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Nurses can immigrate without a job offer




Henry Moyal Atty


The response has been overwhelming.

Nurses from all over the world, including Libya, Sri Lanka and France have expressed an interest in the new Quebec Program for Nurses that was recently announced by the Canadian Government.

The details of the program were featured in an earlier article but it seems that applicants are still confused regarding eligibility requirements.

Many of our readers have asked if relatives are required to submit sponsorships or whether hospitals in Quebec are required to first recruit applicants for open positions.

In contrast to USA immigration laws, the Canadian program does not require an offer of employment.

Similarly, the Canadian program does not require any relative sponsorship nor does it require an applicant to have a relative in Canada.

Other readers expressed a concern due to their age or poor language skills.

In this regard, it should be noted that older applicants are not excluded.

Each factor is given a point score and therefore an applicant is able to advance his/her score with education or work experience which a younger applicant may not possess.

Similarly, a low language skill does not necessarily exclude an applicant as other points can be awarded for adaptability and spouse’s characteristics.

It is important to remember that only the last five years are looked at.

Applicants who have no work experience as a nurse or education in the last five years are not likely to pass.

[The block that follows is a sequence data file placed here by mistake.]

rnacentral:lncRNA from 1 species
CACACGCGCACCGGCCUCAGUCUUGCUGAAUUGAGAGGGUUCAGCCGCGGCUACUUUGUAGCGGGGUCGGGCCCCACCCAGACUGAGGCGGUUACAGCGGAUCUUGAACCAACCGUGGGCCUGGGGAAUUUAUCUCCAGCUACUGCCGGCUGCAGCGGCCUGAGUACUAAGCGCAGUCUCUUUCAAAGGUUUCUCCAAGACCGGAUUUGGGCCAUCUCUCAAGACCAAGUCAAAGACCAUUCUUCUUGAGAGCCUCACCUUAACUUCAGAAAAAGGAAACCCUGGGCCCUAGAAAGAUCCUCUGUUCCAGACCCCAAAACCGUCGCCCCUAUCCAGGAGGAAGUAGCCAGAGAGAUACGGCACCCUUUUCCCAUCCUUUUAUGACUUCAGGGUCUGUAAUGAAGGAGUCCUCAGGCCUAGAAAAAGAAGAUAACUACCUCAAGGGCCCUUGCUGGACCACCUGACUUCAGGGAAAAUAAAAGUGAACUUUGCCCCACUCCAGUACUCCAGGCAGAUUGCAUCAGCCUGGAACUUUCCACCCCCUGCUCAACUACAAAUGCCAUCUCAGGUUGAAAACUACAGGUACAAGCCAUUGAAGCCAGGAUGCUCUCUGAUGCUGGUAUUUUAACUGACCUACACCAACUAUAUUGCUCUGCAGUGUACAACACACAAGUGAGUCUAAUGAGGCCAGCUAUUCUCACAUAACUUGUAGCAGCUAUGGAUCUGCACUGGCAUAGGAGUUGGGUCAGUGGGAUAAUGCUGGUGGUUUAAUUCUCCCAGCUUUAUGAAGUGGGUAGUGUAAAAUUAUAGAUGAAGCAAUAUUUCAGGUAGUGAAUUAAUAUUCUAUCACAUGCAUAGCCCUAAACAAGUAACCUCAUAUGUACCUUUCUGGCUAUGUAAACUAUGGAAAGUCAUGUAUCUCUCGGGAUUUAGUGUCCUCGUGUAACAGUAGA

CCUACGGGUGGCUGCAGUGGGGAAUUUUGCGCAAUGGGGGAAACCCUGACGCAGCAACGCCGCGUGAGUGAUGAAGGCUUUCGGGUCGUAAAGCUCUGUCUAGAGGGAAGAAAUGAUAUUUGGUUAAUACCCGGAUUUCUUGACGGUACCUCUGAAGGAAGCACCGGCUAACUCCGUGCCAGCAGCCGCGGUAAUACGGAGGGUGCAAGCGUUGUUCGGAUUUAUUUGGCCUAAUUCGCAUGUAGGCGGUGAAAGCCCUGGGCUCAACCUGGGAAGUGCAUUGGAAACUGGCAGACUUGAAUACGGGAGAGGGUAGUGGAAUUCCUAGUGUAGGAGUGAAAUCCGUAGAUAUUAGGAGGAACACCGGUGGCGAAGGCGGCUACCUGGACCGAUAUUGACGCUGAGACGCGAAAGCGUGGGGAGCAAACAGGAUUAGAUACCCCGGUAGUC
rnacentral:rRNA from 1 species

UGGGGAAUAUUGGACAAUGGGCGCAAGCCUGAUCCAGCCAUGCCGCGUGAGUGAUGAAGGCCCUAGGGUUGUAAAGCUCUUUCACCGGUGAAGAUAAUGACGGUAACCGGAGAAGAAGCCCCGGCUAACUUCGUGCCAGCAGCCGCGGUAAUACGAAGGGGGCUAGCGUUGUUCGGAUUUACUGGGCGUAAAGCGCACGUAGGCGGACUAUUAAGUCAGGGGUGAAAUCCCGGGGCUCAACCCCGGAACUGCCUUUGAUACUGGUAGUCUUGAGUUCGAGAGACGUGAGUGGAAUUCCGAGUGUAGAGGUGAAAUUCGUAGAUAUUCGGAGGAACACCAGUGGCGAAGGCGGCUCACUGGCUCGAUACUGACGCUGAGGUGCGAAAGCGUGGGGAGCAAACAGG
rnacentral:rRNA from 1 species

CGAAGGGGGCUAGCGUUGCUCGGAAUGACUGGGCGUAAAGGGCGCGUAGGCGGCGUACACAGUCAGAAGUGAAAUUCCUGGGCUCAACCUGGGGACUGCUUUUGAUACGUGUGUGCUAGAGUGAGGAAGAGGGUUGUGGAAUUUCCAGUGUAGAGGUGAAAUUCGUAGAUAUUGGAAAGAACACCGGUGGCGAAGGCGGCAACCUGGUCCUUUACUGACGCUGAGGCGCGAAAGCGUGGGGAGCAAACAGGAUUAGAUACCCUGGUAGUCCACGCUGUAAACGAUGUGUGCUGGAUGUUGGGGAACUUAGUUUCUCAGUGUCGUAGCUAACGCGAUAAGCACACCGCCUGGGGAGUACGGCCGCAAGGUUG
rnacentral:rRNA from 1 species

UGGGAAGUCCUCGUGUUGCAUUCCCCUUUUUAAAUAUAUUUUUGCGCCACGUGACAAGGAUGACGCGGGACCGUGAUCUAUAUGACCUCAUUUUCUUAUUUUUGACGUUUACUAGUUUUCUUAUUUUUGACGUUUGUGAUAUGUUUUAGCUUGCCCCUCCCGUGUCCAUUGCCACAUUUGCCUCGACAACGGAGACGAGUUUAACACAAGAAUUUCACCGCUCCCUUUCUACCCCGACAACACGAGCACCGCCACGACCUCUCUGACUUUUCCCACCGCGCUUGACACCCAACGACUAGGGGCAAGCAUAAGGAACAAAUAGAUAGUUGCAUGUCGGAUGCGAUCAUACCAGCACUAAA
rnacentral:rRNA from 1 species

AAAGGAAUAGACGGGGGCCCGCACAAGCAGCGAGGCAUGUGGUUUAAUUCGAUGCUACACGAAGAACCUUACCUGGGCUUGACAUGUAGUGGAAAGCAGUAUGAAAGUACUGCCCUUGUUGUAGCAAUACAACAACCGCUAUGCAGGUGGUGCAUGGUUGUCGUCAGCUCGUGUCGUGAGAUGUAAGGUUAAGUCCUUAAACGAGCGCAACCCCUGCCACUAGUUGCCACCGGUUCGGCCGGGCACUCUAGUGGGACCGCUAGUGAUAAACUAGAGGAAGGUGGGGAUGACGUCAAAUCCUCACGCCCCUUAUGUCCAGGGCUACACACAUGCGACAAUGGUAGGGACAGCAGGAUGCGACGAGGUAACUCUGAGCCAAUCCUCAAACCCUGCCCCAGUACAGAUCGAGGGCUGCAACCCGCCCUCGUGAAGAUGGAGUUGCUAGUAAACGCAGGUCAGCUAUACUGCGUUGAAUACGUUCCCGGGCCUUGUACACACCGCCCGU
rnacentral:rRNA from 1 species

As previously stated, 20,000 applications are being processed and it is unknown how many have been allocated to date.

What is known though, is that Canadian Nurses Association predicts that 60,000 nurses will be needed by 2022 in order to fill labor shortages.

Interested applicants should complete the free assessment form in www.moyal.com.

Long-term Canadian resident can appeal for right to return

In the same vein, many readers from abroad have questioned whether they can apply to immigrate when they have previously obtained permanent resident status.

As such, a permanent resident of Canada is always a permanent resident unless an embassy or court has made a final determination of the loss of immigrant status.

In other words, a permanent resident who has been absent for many years is still a permanent resident by law and must apply for a travel document to return to Canada.

If that application is refused, an appeal can be made to the Immigration Appeal Division. — Filipino Reporter

Atty. Henry Moyal is a certified and licensed immigration lawyer in Toronto, Ontario. The above article is general advice only and is not intended to act as a legal document. For a free assessment visit www.moyal.com

Newspaper title

GMA News Online


Economic sectors


Content types

Current Policy

Target groups

(Im)migrants workers and Public awareness

Geographical focuses

Philippines and National relevance